Resources & Exercises

The Water Impact Guidebook offers a variety of exercises, Working sheets and resource documents. The files belonging to Module A are listed here, click a file's name to download it (figures referring to the chapter-ID):

External references

Good governance in the Kenyan water sector transparency

Policies, pipes and the participation of the people – water governance practices on the ground  
[44pages, PDF, 2.5mb] Download ›››

Since 2004, the Government of Kenya has been implementing far-reaching reforms in the water sector with the support of the Deutsche Gesellschaft für Internationale Zusammenarbeit (GIZ). Today, a policy and institutional framework is in place that is conducive to sustainable sector development. This is gradually resulting in higher performance levels in water resources management (WRM) and in the provision of water supply and sanitation (WSS) services. The long decline in access to water and sanitation has been reversed. More than one million additional people have been given sustainable access to safe and affordable drinking water in urban low-income areas. The sector budget has increased eightfold since the beginning of the reforms, enabling large-scale infrastructure investments. The Kenyan experience illustrates the tremendous opportunities for better services that a comprehensive reform and an up-scaling process can provide, when based on human rights and increased sector financing.

However, the performance of many Water Service Providers (WSPs) and the implementation of water management policies are still below par. Services are often not delivered in the most efficient way. Regulations pertaining to corporate governance, water abstraction and pollution, and standards relating to the human right to safe drinking water and sanitation are not complied with in many instances. Sector institutions still do not use funds in the most effective and needs-oriented way.

The ongoing challenges to reforms are primarily rooted in governance issues. Poor governance often constitutes a bottleneck for policy implementation and limits the impact of the reforms. This observation is in line with the discussion on sector governance in international cooperation and the need to work on interests, incentives, structures and processes in the sector. It is also in accordance with the requirement to incorporate good governance principles – such as accountability, transparency, non-discrimination and civil-society participation – in sector operations. Integrating these principles can contribute to better sector performance and to the progressive realisation of the human right to water and sanitation. While technology transfer and the availability of funding still remain important, democratic governance issues are increasingly taking centre stage in reform processes at national level.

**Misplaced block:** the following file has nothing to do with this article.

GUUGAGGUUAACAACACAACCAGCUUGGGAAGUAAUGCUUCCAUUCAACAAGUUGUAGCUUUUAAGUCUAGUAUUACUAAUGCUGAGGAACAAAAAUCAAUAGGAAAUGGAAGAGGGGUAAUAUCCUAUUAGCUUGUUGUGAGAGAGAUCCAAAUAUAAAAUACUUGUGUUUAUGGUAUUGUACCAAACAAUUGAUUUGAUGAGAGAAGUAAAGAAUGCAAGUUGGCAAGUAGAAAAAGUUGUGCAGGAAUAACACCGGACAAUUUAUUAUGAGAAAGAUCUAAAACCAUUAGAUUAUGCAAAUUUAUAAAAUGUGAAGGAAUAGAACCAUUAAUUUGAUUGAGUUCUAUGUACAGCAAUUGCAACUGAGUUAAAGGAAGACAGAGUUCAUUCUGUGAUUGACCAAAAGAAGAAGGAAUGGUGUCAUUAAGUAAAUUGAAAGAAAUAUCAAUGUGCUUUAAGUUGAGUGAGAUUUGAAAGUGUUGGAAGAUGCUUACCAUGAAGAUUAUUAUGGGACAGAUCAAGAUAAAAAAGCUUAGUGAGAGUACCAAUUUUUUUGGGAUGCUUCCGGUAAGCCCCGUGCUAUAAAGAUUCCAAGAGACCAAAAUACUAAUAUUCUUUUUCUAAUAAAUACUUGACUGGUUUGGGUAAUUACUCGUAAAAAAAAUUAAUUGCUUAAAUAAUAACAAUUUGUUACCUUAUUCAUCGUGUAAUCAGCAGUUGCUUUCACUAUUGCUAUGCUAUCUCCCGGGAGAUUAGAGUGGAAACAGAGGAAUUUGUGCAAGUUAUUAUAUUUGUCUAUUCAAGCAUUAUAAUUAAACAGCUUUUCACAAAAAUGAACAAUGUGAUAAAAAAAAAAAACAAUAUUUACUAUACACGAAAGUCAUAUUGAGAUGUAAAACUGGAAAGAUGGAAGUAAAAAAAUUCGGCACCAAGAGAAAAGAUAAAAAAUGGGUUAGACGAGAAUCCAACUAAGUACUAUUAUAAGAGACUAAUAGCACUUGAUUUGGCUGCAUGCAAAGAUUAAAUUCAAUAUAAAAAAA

The experience of Kenya’s water sector shows that the embezzlement of resources, discretionary decision making, capture by vested interests and disregard for the public interest are still daily realities for water utilities, sector institutions and water users.

However, the ongoing process to align the sector legislation with the requirements of the new Constitution of Kenya (2010) provides an opportunity for sector institutions, the public and development partners to move to a more targeted and integrated sector governance approach. Such an approach addresses the remaining challenges facing good governance in the sector. It may involve new integrity alliances (including actors from outside of the water sector) opening up dialogue, and assimilating lessons from current practice at national and local levels – both good and poor. Mechanisms must be strengthened, such as performance monitoring, increased participation, public awareness and the disclosure of information for consistently tracking whether policy objectives are achieved. The autonomy of regulators and institutions responsible for service delivery and policy implementation should be reinforced. Board members should be selected in transparent processes to ensure their integrity, and they should disclose information on decision making and expenditure.

Delivering better governance on the ground is first and foremost a matter of gradually changing the values, perceptions and incentives of individual decision makers, managers and staff in sector institutions. It will require a shift in the underlying power relationships and interests, and in the formal and informal rules currently governing the sector. While there is no quick fix, a comprehensive governance agenda will lead to a more effective water sector and also to more accountable practices at the sector and country levels in the long run. This will pave the way to fulfilling the rights enshrined in the Constitution of Kenya as well as the human right to safe drinking water and sanitation.